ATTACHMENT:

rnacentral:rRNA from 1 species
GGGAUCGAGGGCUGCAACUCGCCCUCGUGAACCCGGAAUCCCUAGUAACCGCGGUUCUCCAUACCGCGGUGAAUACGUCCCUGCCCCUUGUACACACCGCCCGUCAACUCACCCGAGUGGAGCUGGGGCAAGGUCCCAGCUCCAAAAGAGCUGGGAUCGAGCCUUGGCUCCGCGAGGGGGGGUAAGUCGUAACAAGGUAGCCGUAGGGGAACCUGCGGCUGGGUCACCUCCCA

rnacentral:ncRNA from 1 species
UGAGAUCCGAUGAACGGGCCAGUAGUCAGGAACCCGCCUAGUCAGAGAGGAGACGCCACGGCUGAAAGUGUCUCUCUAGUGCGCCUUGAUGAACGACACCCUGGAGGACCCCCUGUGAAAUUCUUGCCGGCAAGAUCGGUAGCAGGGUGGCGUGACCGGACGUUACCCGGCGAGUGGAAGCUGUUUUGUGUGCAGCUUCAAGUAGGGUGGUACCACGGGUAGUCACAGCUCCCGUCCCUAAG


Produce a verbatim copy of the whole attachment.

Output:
rnacentral:rRNA from 1 species
GGGAUCGAGGGCUGCAACUCGCCCUCGUGAACCCGGAAUCCCUAGUAACCGCGGUUCUCCAUACCGCGGUGAAUACGUCCCUGCCCCUUGUACACACCGCCCGUCAACUCACCCGAGUGGAGCUGGGGCAAGGUCCCAGCUCCAAAAGAGCUGGGAUCGAGCCUUGGCUCCGCGAGGGGGGGUAAGUCGUAACAAGGUAGCCGUAGGGGAACCUGCGGCUGGGUCACCUCCCA

rnacentral:ncRNA from 1 species
UGAGAUCCGAUGAACGGGCCAGUAGUCAGGAACCCGCCUAGUCAGAGAGGAGACGCCACGGCUGAAAGUGUCUCUCUAGUGCGCCUUGAUGAACGACACCCUGGAGGACCCCCUGUGAAAUUCUUGCCGGCAAGAUCGGUAGCAGGGUGGCGUGACCGGACGUUACCCGGCGAGUGGAAGCUGUUUUGUGUGCAGCUUCAAGUAGGGUGGUACCACGGGUAGUCACAGCUCCCGUCCCUAAG